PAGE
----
The European Union introduced the Union Customs Code (UCC) Act in 2013, which will take effect on May 1, 2016 but there are still some businesses that aren’t up to speed with what this means. The purpose of the Act is to improve business transactions among EU member countries by automating business processes and the new Act has various implications for UK companies that trade with EU members. UK companies looking to trade in this way must have discussions with their buyers/suppliers to determine if they qualify for the new automated process. However, companies can benefit from the UCC Act by attaining Authorised Economic Operator (AEO) status. All UK companies that are at all involved in international trade can apply and get AEO certification including clearance agents, importers, exporters, manufacturers, carriers and freight forwarders. [Read more…]
The latest European Customs Code is due to apply from May this year and freight forwarders in particular are expressing concerns about how this might affect them, according to an article in Air Cargo World. This new code is intended to streamline the customs clearance process with the introduction of electronic data exchange to aid transparency and user-friendliness. The electronic system should facilitate improved alignment and data flow between customs authorities. However there have been some potential pitfalls flagged up.
For those who may not already be aware of this, AEO (Authorised Economic Operator) status is one of the internationally recognised quality marks that indicate that your role in an international supply chain system is secure. And contrary to what some business owners think, AEO accreditation isn’t mandatory. However, it allows a business quicker access to particular simplified customs procedures and in many cases, AEO certification gives the exclusive right to ‘fast-track’ your shipments and in the process, bypass a couple of ‘arduous’ safety, customs and security procedures. [Read more…]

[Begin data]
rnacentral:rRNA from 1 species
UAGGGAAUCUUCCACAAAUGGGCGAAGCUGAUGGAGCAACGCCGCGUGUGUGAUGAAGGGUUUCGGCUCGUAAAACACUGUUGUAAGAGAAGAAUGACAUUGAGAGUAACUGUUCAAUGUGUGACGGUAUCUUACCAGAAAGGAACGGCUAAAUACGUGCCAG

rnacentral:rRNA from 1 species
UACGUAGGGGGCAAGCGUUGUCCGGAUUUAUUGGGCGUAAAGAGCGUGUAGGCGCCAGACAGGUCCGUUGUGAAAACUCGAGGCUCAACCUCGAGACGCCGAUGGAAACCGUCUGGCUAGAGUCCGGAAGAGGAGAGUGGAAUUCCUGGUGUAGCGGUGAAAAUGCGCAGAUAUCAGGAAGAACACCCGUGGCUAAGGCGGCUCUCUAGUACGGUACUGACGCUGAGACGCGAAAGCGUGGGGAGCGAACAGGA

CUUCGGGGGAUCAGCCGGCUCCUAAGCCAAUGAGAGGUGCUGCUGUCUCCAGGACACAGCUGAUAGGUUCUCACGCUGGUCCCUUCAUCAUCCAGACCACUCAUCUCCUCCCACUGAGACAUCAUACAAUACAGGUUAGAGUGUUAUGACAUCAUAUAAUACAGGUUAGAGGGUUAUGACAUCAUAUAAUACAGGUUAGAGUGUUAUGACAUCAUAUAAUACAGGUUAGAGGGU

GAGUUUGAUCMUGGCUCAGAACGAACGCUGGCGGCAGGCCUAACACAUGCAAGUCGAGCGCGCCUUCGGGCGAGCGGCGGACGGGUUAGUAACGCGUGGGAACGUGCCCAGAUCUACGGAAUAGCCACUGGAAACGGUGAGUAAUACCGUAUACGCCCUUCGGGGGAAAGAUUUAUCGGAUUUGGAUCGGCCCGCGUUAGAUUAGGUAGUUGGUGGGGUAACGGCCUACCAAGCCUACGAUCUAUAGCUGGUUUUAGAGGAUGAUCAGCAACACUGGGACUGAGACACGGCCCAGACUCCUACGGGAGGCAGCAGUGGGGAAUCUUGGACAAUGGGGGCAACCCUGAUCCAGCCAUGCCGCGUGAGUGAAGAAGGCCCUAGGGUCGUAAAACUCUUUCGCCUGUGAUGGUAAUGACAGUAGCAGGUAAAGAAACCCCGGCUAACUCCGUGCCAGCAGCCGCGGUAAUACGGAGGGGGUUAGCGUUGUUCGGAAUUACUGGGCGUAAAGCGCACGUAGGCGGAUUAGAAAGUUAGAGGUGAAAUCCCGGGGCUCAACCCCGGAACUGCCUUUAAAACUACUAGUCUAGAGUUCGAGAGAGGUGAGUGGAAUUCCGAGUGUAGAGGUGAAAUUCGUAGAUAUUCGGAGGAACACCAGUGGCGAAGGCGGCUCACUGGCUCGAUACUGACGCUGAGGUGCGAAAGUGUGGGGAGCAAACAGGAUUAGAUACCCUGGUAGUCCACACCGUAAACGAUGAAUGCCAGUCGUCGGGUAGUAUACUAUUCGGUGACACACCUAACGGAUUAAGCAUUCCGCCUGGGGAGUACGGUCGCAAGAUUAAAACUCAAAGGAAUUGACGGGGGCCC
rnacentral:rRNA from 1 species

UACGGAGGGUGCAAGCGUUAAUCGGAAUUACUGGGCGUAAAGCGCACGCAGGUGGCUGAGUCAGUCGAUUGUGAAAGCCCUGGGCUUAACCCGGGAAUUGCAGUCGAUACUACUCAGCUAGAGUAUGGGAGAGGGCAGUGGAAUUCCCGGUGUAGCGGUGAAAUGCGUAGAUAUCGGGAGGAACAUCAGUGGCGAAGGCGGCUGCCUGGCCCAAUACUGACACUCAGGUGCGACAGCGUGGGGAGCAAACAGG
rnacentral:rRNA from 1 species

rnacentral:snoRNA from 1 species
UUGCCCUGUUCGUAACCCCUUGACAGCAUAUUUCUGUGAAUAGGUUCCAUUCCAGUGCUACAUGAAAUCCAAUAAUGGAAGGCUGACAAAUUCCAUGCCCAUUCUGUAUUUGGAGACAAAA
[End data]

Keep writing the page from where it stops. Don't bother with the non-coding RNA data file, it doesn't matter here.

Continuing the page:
Why are so few UK companies ready for International Trade Changes? This is quite a troubling question considering the apathetic response throughout the UK and Ireland towards the take-up of the AEO scheme. Countries like Germany and Holland have seen companies embrace the scheme in their thousands, compared to the low hundreds in the UK.
When it comes to AEO certification, it’s not all about the financial and customs declarations side of things. Whether you’re looking at AEO as a forwarder or an importer/exporter, the security of your operation needs to be scrutinised too. This leaves many people worried about how best to go abut evaluating their readiness for application, but there’s one simple tool that can really help you get a handle on where you’re compliant and where you may be able to improve, and that’s the process flow chart.
The dynamics shaping global trade have necessitated the need to control the flow of international trade and contain the security threats that come with it. This is just one of the reasons AEO is in high demand. An AEO certified business is a business that has met the strict criteria defined by the customs authorities related to its operational functions and their interaction with the customs processes and procedures, and one of the most important parts of AEO certification is the security your business can provide to the supply chain.